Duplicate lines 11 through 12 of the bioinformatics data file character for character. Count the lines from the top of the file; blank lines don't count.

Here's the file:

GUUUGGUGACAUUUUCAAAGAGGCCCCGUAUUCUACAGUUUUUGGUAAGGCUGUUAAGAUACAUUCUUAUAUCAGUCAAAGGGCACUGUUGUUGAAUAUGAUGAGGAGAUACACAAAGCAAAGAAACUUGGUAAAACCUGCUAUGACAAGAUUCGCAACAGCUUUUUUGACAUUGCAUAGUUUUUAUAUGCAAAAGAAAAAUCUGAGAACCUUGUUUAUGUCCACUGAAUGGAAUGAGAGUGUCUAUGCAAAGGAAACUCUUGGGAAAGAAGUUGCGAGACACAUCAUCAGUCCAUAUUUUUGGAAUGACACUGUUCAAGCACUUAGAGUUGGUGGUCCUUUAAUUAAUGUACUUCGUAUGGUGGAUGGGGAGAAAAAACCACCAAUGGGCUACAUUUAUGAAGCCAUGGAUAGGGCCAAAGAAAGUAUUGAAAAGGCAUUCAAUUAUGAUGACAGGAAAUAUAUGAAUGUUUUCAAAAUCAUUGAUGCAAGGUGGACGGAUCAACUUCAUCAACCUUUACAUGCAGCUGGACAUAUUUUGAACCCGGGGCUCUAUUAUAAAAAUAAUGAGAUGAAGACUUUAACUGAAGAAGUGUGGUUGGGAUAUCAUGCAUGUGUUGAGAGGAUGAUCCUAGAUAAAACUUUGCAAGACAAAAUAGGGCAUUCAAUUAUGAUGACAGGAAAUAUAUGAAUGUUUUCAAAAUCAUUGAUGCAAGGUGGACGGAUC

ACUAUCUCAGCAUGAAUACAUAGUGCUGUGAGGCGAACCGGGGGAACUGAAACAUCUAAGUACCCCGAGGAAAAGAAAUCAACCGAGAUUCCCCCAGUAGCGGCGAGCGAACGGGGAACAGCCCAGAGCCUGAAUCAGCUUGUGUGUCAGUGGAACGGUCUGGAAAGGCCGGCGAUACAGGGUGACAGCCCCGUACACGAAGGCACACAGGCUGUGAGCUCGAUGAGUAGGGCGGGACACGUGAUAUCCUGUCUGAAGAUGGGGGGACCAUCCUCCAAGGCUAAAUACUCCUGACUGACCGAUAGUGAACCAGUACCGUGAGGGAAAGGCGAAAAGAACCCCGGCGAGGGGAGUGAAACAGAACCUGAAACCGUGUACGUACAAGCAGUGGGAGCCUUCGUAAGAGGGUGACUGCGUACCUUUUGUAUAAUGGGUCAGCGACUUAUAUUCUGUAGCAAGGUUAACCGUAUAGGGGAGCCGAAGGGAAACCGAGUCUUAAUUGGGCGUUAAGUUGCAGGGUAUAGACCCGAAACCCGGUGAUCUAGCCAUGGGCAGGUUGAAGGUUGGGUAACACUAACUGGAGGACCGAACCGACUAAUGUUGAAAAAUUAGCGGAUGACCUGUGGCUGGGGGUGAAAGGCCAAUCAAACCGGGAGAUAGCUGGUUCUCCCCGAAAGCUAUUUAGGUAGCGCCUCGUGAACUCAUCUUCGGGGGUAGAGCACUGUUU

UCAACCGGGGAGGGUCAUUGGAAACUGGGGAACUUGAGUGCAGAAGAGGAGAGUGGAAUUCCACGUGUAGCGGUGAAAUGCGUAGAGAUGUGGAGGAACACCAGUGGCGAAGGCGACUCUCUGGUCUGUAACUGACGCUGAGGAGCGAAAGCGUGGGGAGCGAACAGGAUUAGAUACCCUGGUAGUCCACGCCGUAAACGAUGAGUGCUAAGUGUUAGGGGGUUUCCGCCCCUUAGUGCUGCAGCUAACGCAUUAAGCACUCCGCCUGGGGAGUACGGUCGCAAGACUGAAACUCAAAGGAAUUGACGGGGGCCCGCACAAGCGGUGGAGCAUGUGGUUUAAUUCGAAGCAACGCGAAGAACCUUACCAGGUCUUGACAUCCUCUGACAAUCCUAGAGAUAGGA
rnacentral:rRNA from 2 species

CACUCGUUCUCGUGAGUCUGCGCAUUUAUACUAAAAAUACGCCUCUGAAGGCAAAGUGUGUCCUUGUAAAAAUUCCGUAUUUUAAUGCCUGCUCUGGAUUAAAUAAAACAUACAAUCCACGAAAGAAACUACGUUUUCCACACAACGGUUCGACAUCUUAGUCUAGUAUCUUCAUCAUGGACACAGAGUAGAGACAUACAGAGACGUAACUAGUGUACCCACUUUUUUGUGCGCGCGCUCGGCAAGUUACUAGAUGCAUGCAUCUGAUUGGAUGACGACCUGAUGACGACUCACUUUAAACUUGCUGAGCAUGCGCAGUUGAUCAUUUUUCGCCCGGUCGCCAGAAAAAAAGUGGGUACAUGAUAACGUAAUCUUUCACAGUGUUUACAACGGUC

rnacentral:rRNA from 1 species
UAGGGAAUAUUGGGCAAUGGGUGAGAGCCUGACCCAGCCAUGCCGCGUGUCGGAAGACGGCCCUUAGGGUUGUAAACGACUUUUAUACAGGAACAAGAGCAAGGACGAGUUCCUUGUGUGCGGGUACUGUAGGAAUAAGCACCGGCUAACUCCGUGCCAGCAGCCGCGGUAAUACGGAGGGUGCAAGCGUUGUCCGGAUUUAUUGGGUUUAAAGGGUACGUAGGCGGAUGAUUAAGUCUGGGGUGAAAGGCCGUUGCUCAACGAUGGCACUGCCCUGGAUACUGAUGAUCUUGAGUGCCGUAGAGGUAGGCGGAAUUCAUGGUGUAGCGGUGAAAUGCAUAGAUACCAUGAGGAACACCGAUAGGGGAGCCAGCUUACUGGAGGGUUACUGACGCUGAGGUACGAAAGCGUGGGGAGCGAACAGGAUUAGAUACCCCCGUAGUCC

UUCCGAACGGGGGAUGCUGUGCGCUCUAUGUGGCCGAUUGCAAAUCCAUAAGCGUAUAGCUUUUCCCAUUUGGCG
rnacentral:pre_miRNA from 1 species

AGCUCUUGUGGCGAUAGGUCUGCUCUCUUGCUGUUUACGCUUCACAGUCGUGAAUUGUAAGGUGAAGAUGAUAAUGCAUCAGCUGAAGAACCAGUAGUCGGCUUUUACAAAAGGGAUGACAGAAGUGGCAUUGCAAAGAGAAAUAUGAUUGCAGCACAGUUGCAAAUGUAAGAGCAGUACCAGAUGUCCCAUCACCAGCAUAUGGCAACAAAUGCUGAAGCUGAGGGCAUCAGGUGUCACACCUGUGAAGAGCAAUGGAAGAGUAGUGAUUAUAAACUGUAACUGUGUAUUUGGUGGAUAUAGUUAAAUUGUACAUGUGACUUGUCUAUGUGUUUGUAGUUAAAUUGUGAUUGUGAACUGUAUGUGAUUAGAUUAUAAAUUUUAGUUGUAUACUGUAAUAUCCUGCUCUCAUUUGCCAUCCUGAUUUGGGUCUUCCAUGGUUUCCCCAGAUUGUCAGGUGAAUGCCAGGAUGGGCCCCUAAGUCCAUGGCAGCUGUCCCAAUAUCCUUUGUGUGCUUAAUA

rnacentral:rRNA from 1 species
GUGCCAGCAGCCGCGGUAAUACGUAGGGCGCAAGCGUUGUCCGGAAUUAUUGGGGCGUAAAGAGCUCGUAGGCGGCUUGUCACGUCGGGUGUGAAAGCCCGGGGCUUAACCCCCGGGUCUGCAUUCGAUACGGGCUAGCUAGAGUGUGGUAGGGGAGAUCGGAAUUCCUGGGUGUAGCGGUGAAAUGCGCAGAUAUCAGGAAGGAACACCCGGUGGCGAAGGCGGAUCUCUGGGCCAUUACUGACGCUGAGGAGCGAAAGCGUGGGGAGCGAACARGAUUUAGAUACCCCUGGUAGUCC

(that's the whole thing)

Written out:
rnacentral:rRNA from 1 species
GUGCCAGCAGCCGCGGUAAUACGUAGGGCGCAAGCGUUGUCCGGAAUUAUUGGGGCGUAAAGAGCUCGUAGGCGGCUUGUCACGUCGGGUGUGAAAGCCCGGGGCUUAACCCCCGGGUCUGCAUUCGAUACGGGCUAGCUAGAGUGUGGUAGGGGAGAUCGGAAUUCCUGGGUGUAGCGGUGAAAUGCGCAGAUAUCAGGAAGGAACACCCGGUGGCGAAGGCGGAUCUCUGGGCCAUUACUGACGCUGAGGAGCGAAAGCGUGGGGAGCGAACARGAUUUAGAUACCCCUGGUAGUCC